Cochran, Kathryn F.

Committee Member

Ritchotte, Jennifer

Committee Member

Vaughan, Angela

Committee Member

Omdal, Stuart


Psychological Sciences


University of Northern Colorado

Type of Resources


Place of Publication

Greeley (Colo.)


University of Northern Colorado

Date Created





226 pages

Digital Origin

Born digital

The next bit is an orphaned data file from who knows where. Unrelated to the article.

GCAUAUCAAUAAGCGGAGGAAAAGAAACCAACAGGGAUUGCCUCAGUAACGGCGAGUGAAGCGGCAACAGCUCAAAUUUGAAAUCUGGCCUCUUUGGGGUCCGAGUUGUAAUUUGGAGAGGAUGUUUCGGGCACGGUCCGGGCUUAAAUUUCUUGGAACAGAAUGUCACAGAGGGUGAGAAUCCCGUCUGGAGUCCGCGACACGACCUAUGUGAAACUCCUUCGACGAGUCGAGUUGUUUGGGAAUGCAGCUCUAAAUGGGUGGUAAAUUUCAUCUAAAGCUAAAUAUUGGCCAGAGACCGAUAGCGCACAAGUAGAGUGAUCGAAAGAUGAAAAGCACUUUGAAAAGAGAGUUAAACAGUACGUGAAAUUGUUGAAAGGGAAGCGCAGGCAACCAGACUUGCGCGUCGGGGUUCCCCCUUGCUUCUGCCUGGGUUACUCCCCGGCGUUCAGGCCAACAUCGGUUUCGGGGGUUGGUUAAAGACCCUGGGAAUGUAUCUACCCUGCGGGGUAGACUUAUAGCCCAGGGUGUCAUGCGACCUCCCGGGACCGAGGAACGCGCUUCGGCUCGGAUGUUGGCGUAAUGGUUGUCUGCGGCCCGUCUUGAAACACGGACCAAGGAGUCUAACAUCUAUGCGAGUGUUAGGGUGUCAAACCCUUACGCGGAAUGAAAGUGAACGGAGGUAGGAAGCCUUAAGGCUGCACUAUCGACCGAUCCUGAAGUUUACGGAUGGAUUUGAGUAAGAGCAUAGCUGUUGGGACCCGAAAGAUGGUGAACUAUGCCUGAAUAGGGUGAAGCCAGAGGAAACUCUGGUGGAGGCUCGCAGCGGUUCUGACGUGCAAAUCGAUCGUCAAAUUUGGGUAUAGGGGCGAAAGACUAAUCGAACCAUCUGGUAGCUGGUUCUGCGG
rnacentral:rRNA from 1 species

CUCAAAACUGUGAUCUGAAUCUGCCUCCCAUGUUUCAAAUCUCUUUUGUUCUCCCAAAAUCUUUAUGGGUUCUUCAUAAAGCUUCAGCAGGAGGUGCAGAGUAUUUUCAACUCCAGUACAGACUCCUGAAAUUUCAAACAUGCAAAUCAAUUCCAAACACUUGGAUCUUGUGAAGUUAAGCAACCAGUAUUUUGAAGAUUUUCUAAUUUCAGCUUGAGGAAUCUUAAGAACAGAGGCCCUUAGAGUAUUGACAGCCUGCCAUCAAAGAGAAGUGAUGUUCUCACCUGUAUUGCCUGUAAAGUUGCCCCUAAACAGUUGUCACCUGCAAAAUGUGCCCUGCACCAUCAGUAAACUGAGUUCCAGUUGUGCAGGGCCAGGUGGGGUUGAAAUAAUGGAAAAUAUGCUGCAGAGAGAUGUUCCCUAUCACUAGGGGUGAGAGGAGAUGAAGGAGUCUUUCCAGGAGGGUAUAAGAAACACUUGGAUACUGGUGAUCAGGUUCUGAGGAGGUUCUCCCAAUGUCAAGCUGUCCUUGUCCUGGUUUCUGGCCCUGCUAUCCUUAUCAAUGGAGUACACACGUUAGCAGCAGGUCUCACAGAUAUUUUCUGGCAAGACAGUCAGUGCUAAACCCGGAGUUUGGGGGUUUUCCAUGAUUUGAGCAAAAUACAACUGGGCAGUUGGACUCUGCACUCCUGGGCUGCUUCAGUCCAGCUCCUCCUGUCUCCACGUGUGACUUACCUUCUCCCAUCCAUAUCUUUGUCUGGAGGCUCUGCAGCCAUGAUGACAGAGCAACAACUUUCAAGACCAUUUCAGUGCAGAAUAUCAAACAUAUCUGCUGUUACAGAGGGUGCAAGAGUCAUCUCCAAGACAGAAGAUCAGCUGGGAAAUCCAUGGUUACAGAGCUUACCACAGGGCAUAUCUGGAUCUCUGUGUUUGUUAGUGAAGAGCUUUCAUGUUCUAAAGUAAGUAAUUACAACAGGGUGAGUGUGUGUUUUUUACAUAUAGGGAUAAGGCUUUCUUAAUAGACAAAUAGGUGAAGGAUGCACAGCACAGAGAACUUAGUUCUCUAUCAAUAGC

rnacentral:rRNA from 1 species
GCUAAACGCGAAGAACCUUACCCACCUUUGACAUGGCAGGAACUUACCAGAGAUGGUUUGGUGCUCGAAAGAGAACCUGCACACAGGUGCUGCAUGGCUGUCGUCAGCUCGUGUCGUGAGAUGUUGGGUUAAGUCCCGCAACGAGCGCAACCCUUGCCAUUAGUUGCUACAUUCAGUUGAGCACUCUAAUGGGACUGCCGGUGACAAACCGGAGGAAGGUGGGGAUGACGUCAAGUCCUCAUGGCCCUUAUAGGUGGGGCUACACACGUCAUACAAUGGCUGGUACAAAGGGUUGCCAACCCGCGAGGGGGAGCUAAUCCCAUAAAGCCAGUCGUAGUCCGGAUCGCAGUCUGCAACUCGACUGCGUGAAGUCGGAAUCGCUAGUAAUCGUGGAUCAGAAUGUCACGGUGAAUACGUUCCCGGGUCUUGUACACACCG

Past research has indicated that teachers’ use of power directly influences students’ sense of empowerment and that students who feel empowered are more likely to be motivated. Research has also indicated that gifted students who are motivated achieve at a level commensurate with their ability. Lack of teacher training regarding giftedness likely influences teachers’ use of power, thereby impacting gifted high school students’ perceptions of empowerment and motivation. The relationship between teacher power and student empowerment and motivation, however, has not been thoroughly investigated in gifted education literature. This phenomenological study explored classroom situations in which gifted high school students felt empowered and the relationship between power, empowerment, and motivation. The study was conducted from a phenomenological perspective to better understand these gifted students’ perceptions of empowerment within their classrooms. Specifically, the researcher attempted to explore the impact of different power dynamics, including teachers’ utilization of various relational power bases (i.e., reward power, coercive power, legitimate power, referent power, expert power) on gifted students’ learning, their levels of motivation and engagement, and their overall sense of empowerment. The 29 gifted students in this study reported that their learning, engagement, motivation, and sense of empowerment were directly impacted by the power dynamics within their classrooms, including the ways in which teachers chose to utilize power. Teacher power was perceived most positively by these students when it was based on authentic, personal relationships; utilized to structure and control the classroom environment so all students could learn; and shared with students. Additionally, the more connected these students felt to (a) teachers, (b) peers, (c) learning, (d) self, and (e) home and community, the more motivated and empowered they felt. Based on the findings in this study, it is important for educators to realize the significant impact the climate they create and encourage within their classrooms has on their gifted students and to take steps to make it as motivating and empowering as possible. Recommendations include providing educational opportunities and support for pre-service and current educators regarding (a) the academic and affective characteristics and learning needs of gifted high school students and (b) the importance and positive impact of facilitating connections and sharing power in the classroom.


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